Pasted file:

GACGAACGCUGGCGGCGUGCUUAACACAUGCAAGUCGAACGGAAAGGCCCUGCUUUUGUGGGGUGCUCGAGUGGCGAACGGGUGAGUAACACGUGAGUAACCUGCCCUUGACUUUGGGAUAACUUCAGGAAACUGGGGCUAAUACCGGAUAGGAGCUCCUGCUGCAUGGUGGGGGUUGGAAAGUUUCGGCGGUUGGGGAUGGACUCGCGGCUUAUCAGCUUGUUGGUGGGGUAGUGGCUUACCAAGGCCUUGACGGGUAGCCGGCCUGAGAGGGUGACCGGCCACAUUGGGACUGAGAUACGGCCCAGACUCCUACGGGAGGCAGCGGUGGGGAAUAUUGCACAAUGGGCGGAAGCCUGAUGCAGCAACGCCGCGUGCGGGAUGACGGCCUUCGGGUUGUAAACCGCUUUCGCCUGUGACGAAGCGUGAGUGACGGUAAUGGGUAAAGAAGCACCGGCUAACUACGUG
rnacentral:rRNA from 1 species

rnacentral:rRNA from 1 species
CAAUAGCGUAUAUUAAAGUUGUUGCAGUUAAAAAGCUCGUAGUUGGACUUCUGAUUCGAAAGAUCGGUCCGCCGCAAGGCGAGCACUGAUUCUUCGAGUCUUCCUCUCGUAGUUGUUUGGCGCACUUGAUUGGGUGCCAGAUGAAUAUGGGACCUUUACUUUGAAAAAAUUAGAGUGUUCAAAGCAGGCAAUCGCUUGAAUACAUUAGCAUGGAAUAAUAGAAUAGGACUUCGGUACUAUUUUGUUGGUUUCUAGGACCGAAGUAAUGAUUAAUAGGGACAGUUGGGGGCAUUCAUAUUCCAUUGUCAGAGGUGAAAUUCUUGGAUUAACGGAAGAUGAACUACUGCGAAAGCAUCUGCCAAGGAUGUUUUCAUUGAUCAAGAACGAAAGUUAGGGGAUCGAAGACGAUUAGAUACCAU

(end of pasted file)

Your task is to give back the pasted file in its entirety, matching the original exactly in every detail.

GACGAACGCUGGCGGCGUGCUUAACACAUGCAAGUCGAACGGAAAGGCCCUGCUUUUGUGGGGUGCUCGAGUGGCGAACGGGUGAGUAACACGUGAGUAACCUGCCCUUGACUUUGGGAUAACUUCAGGAAACUGGGGCUAAUACCGGAUAGGAGCUCCUGCUGCAUGGUGGGGGUUGGAAAGUUUCGGCGGUUGGGGAUGGACUCGCGGCUUAUCAGCUUGUUGGUGGGGUAGUGGCUUACCAAGGCCUUGACGGGUAGCCGGCCUGAGAGGGUGACCGGCCACAUUGGGACUGAGAUACGGCCCAGACUCCUACGGGAGGCAGCGGUGGGGAAUAUUGCACAAUGGGCGGAAGCCUGAUGCAGCAACGCCGCGUGCGGGAUGACGGCCUUCGGGUUGUAAACCGCUUUCGCCUGUGACGAAGCGUGAGUGACGGUAAUGGGUAAAGAAGCACCGGCUAACUACGUG
rnacentral:rRNA from 1 species

rnacentral:rRNA from 1 species
CAAUAGCGUAUAUUAAAGUUGUUGCAGUUAAAAAGCUCGUAGUUGGACUUCUGAUUCGAAAGAUCGGUCCGCCGCAAGGCGAGCACUGAUUCUUCGAGUCUUCCUCUCGUAGUUGUUUGGCGCACUUGAUUGGGUGCCAGAUGAAUAUGGGACCUUUACUUUGAAAAAAUUAGAGUGUUCAAAGCAGGCAAUCGCUUGAAUACAUUAGCAUGGAAUAAUAGAAUAGGACUUCGGUACUAUUUUGUUGGUUUCUAGGACCGAAGUAAUGAUUAAUAGGGACAGUUGGGGGCAUUCAUAUUCCAUUGUCAGAGGUGAAAUUCUUGGAUUAACGGAAGAUGAACUACUGCGAAAGCAUCUGCCAAGGAUGUUUUCAUUGAUCAAGAACGAAAGUUAGGGGAUCGAAGACGAUUAGAUACCAU